Spring is a great time to photograph in Yosemite National Park. The Dogwoods are in bloom, the fields are green and the waterfalls are running from the snowmelt. At certain times in the afternoon, the sun will hit the waterfalls just right resulting in beautiful rainbows in their mist. I don’t know if there is a view anywhere as impressive as that of Yosemite Valley. It’s been photographed a zillion times, but it’s hard not to make a good photograph from there.
We got just a little bit unlucky with a lack of clouds that could have given us some dramatic sunrises and sunsets. I guess you can’t always have it all but maybe that’s just an excuse to come back.
With a lack of clouds in the forecast for Yosemite, we shortened our time there and decided to go see what might be happening on the rocky coast of California between Mendocino and Fort Bragg. We were able to photograph a really cool sunset at the Cabrillo Lighthouse. Late one morning the fog rolled in off the ocean and we happened to be near the Pudding Beach footbridge allowing us the capture it appearing to vanish in the fog.
It was another good photographic expedition and opportunity to witness just a tiny sample of the beauty of our planet.
We made a quick trip to the Southwest to revisit some locations in Utah and Arizona. On my first trip to Canyonlands National Park several years ago, there was only one day with the sky clear enough to photograph Mesa Arch. If the rising sun is not blocked by clouds, the light reflects off the wall beneath the arch lighting up the bottom side.
On my previous trip, I did not know that getting there 90 minutes before sunrise was not early enough to get one of the few good spots to capture the sunburst from and we missed out. This time we arrived at 4:30am for the 7am sunrise and although we were the second to arrive we got a good spot. I can finally check this one off the list!
The close-up image shows the formation in the distance known as Washer Woman, as it resembles a woman leaning over a rock as if she is washing clothes. I suppose to be politically correct there will be a movement to rename the formation to Washer Person. Uhg!
With the main mission accomplished, we headed down to Sedona, Arizona. This is truly the land of the red rocks. My primary goal here was to photograph the formation know as Cathedral Rocks and capture its reflection in Oak Creek. There was enough breeze to keep moving the water and blurring the reflection, driving me nuts. Finally, just before we lost the setting sun to the cloud bank on the horizon the breeze gave us a short reprieve, just long enough to get a decent reflection. Yay! Mission number two accomplished.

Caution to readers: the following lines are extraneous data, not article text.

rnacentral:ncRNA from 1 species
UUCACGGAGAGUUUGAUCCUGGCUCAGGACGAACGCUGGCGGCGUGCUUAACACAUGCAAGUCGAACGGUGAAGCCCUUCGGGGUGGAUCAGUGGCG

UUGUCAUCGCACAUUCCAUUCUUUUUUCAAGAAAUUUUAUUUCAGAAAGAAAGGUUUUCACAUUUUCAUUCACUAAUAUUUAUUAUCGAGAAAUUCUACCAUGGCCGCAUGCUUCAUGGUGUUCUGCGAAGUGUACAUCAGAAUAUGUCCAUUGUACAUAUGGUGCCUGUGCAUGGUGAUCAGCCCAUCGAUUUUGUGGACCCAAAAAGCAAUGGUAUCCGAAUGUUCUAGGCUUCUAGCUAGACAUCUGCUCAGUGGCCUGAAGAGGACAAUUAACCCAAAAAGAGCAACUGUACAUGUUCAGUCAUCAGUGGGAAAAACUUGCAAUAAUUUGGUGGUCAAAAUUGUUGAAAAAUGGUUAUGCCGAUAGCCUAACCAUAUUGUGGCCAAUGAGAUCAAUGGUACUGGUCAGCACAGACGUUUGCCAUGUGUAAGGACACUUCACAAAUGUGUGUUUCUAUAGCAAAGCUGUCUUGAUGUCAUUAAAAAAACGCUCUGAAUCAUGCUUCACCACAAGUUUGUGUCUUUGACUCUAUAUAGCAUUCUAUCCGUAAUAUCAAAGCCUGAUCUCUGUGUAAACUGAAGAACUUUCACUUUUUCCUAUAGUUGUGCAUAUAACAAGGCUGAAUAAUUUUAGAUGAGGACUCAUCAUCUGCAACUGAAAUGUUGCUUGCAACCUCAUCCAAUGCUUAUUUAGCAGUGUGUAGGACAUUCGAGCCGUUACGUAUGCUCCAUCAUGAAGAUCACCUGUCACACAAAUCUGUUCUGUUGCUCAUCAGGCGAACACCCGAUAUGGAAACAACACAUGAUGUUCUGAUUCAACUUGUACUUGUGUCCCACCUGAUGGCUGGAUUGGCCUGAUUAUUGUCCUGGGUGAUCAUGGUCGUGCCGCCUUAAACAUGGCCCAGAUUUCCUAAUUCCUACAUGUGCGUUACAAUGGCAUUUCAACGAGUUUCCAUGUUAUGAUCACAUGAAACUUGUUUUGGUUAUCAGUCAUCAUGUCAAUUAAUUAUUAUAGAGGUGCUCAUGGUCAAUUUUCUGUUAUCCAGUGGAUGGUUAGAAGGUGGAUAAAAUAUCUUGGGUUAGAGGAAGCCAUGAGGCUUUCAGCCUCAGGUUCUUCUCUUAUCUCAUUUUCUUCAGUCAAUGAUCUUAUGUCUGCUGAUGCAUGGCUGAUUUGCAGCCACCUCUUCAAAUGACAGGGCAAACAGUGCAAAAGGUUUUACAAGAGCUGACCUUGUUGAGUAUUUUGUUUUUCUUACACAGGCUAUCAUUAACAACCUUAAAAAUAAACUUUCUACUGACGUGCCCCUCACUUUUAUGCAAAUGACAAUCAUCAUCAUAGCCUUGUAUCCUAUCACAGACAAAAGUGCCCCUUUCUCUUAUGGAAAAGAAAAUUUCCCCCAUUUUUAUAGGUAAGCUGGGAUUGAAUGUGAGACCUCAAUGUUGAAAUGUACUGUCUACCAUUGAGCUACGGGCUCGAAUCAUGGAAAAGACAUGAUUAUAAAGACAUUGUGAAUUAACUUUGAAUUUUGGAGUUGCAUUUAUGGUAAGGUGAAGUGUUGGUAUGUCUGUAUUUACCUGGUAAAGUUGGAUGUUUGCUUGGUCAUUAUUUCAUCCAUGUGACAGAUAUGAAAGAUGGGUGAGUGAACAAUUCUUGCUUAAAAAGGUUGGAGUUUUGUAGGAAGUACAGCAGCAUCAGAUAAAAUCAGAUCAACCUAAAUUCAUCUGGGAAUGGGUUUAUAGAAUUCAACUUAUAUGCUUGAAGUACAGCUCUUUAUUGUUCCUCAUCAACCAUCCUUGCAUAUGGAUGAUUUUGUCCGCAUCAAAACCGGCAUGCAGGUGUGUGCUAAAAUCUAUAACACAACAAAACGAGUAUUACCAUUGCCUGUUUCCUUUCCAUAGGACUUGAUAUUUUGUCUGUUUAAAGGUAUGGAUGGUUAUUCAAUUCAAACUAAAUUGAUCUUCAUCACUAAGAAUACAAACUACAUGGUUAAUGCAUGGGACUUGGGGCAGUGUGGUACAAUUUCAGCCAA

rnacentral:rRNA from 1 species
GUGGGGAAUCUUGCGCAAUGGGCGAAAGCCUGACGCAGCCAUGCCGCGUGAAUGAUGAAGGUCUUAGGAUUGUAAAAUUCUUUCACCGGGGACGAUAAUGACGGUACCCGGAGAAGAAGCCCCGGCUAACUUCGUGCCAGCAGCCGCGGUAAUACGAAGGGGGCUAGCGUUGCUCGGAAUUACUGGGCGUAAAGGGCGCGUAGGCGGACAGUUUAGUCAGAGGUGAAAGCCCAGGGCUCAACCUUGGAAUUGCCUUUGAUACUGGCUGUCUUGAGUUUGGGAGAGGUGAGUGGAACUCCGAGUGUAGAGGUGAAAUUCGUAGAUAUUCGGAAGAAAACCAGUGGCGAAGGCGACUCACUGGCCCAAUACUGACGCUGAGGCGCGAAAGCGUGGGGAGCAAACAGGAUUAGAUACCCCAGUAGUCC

Weather prevented us from our third goal but the landscape isn’t going anywhere so we’ll get that one next time.
I really enjoy the beauty of a fresh snowfall and I had always wanted to spend some time photographing the Grand Tetons during winter. So, a trip in February seemed just the ticket. I had been there before in February for other reasons and had experienced beautiful weather.
Well, this time Mother Nature was not so kind. Over a 9 day period there was only one day you could even see the Tetons. I made the most of it, getting a nice image in the morning with the Snake River. I scurried around to several other locations that morning trying to get something else decent but the sky was getting more overcast so no luck.
Then, just after noon, it began to clear again. I decided to put on my snowshoes and hike the mile out to Mormon Row where several historical barns and other structures are located. This was the longest distance I had ever traveled on snowshoes but it proved worthwhile. I had about an hour to get some images before the sky started to lose its beautiful blue color and go overcast again. That was on day two and it was the last time I saw the mountains during the nine days here.
I made a couple of side trips and gathered information that I can use down the road so I still grade the trip as a success. I may have to come back in June when all is lush and green with better skies.
After photographing the Canadian Rockies a few years ago in the summer, we knew we had to come back for the winter. After learning of the bubbles frozen in ice layers at Abraham Lake, Jason and I could wait no longer. The plan was to spend four days at the lake and 5 days at the southern end of the mountains between Canmore and Lake Louise.
The plants in the shallow areas at the south end of Abraham Lake release methane gas. These gas bubbles are first trapped by the top layer of ice and then by layers of ice that form repeatedly below the top, resulting in the look of multiple bubbles vertically rising and frozen in time. The fun is searching the large shallow areas for cool formations of bubbles and cracks in the ice. The mountains in the background really make it work.
The Canadian Rockies are magnificent in any season. Most of the iconic areas to photograph in the summer are not accessible in the winter so it becomes a real hunt down a variety of roads to figure out where is the best place to be at various times of day. We had a lot to learn and made a few mistakes but, in the end, did well for the limited time we were there. We only had it snow one night about an inch, not enough to impact the trees as I would have liked. The weather was otherwise great, with temps in the 20-30F range.
As a fun note, I purchased snowshoes prior to this trip to allow us to get to areas away from the road. Wow! What a difference. I didn’t know it could be that much easier to walk in deep snow.